Categories: Amazon Advertising|By |7.6 min read|

ACoS on Amazon

For all of the time and money you invest into Amazon Ads, it’s important to ensure that you’re getting the most out of your campaigns and maximizing their ROI. Monitoring key performance indicators (KPIs), such as ACoS (Advertising Cost of Sale) can help give you an understanding of how well your campaigns are performing and whether they’re providing the results you expect.

In this article, we’ll talk about how to use ACoS as a KPI to measure Amazon Ads performance, as well as some key considerations and additional metrics to be aware of when evaluating campaigns.

What Is Amazon ACoS?

Amazon Advertising Cost of Sale, or ACoS, is a metric used to measure the effectiveness of Amazon Sponsored Products and Headline Search Ads campaigns. It provides advertisers with an indication of how expensive or successful their campaigns have been and helps to identify areas for improvement within their advertising strategies.

ACoS represents the percentage of a purchase’s total cost attributed to the Amazon advertising campaign and is calculated by dividing ad spend (cost) by sales generated (revenue). The higher the ACoS percentage, the less successful a campaign has been in terms of driving return on investment. An optimal goal for most to achieve is to keep ACoS as low as possible, making sure that the cost of ads does not exceed revenue.

Calculating ACoS: The Basic Formula

Cost of sales is a big piece of the puzzle when it comes to understanding the effectiveness of an Amazon Advertising project. Comparing ACoS percentages, a marketer can easily see which of their efforts are performing best. From there, it’s simply a matter of drawing lines between the strategies used across different campaigns to understand how they influence ACoS.

You don’t need a fancy calculator or advanced math skills to determine Amazon ACoS, either. The formula is relatively simple – all you’ll need is a pen and a piece of paper.

ACoS = (Ad Spend / Sales Generated) × 100

Let’s break down each part of the formula:

Ad Spend: The total amount of money spent on an Amazon Advertising Campaign. This includes all costs associated with the campaign, such as clicks and impressions.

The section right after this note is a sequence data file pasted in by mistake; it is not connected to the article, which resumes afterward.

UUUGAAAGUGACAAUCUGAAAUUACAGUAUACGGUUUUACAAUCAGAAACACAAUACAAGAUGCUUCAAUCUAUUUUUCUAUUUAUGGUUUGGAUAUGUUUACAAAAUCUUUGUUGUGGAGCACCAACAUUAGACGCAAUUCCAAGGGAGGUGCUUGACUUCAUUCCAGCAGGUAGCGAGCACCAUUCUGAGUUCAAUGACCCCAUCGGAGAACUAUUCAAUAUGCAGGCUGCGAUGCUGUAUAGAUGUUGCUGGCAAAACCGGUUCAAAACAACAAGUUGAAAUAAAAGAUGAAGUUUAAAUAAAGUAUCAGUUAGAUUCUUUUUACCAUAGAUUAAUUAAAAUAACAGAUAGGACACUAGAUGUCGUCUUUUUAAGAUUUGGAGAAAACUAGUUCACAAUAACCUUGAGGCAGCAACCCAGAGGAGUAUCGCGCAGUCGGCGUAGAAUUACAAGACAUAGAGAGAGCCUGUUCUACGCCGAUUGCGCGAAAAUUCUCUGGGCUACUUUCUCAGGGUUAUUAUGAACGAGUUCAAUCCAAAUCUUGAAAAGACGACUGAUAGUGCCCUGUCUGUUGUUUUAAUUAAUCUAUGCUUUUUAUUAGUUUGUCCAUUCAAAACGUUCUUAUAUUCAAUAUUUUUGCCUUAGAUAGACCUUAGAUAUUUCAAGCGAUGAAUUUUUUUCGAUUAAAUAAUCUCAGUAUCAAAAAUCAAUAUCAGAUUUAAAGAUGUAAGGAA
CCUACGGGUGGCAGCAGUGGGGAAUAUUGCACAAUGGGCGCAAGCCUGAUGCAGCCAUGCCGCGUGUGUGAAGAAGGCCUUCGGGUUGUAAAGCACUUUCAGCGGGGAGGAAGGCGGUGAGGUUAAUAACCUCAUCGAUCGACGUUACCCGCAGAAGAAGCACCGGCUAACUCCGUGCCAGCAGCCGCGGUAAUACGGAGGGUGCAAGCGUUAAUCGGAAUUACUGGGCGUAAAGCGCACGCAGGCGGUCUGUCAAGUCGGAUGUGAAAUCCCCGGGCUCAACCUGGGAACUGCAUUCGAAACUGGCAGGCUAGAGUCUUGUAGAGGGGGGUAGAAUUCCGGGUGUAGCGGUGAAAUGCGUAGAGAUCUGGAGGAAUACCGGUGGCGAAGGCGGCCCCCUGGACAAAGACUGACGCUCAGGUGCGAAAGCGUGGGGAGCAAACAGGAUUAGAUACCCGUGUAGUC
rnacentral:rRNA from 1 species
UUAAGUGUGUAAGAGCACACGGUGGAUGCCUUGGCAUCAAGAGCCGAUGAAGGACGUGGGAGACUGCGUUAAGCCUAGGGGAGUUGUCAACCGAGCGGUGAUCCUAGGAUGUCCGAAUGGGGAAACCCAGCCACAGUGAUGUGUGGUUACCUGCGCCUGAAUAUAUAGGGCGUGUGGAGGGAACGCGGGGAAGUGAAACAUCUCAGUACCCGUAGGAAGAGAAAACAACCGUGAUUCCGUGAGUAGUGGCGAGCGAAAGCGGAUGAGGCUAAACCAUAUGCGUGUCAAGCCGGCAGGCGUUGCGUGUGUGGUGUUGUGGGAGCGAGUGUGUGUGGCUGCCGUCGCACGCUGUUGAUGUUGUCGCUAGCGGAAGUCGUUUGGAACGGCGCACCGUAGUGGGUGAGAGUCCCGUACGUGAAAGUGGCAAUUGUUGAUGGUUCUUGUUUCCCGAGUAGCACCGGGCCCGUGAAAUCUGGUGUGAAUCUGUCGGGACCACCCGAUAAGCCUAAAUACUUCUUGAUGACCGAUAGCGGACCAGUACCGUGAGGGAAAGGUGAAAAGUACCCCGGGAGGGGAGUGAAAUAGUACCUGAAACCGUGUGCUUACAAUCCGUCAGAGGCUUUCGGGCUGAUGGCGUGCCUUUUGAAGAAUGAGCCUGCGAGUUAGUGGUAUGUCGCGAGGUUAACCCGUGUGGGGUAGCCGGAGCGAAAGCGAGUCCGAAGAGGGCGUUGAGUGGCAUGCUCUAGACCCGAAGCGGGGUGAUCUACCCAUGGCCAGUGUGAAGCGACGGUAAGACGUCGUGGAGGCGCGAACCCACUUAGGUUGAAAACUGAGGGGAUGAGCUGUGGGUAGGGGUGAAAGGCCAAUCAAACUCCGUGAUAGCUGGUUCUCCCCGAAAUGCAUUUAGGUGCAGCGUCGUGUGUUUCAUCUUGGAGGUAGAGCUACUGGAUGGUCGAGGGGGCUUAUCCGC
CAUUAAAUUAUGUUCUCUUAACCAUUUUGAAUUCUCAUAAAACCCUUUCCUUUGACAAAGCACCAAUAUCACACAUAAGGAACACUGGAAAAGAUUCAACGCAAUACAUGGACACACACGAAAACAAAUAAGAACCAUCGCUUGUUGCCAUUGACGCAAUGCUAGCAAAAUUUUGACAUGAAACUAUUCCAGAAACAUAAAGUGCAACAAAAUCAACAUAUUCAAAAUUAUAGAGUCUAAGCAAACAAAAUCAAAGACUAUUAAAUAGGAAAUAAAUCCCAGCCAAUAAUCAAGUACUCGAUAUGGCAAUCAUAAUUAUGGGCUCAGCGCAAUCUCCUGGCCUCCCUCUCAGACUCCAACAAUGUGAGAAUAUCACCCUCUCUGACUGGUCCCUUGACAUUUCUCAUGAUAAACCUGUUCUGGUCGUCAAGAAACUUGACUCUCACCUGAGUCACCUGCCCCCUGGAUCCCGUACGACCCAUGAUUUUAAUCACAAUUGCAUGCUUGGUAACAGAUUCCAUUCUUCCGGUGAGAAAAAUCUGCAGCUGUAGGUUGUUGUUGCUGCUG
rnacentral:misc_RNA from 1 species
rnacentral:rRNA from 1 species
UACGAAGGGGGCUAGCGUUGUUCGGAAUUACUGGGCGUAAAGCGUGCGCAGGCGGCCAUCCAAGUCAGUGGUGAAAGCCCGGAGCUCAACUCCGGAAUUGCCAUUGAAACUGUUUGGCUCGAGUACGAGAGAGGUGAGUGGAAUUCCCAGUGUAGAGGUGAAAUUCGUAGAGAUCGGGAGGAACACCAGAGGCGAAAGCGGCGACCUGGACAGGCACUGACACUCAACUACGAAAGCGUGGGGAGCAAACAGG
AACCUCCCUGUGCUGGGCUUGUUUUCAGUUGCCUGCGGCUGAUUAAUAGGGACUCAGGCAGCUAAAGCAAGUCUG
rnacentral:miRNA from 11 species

Sales Generated: The total amount of sales generated from an Amazon Advertising Campaign. This includes all revenues associated with the campaign, such as initial product purchases and follow-up orders.

Multiplying by 100 turns the number into a percentage, which makes comparisons easy. The higher the ACoS, the less effective a campaign is.

ACoS Calculation Example

Let’s say you spent $100 on a sponsored product campaign and generated $200 in sales. You would plug the numbers into the formula like this:

ACoS = ($100 /$200) x 100

ACoS = (0.5) x 100

ACoS = 50%

Amazon ACoS vs. ROAS

ACoS and ROAS are similar in that both compare ad spending and revenue. The way they present information is a bit different though; while ACoS is calculated by dividing ad spend by revenue and multiplying by a factor of 100, ROAS is simply a division of ad revenue by ad spend. These two metrics can be used together to obtain a holistic picture of a campaign’s earning potential and growth over time.

Impact of Product Category and Listing Quality On ACoS

Your ACoS percentages aren’t set in stone — they have the potential to increase and decrease over time. Two of the most powerful factors behind this change are product category and listing quality.

When it comes to product categories, some are naturally more competitive than others. For example, products related to health and nutrition might have a higher ACoS than products in the home improvement category.

Listing quality is also an important factor that can lead to changes in ACoS percentages. It reflects how accurately and effectively a product is listed on the platform. Poorly written descriptions, outdated images or incorrect information can all lead to lower click-through rates and higher ACoS percentages.

What is a Good ACoS?

There’s no simple answer to this question. Just like ROAS and other important advertising metrics, ACoS is not a one-size-fits-all KPI. A good ACoS will vary from campaign to campaign and depend on the advertiser’s overall goals, budget, product category, listing quality and more.

For example, a lower ACoS might be suitable for an ecommerce store that’s just starting out and trying to establish its presence in the market. Whereas a higher ACoS may be acceptable for an established brand that has more resources to experiment with different campaigns.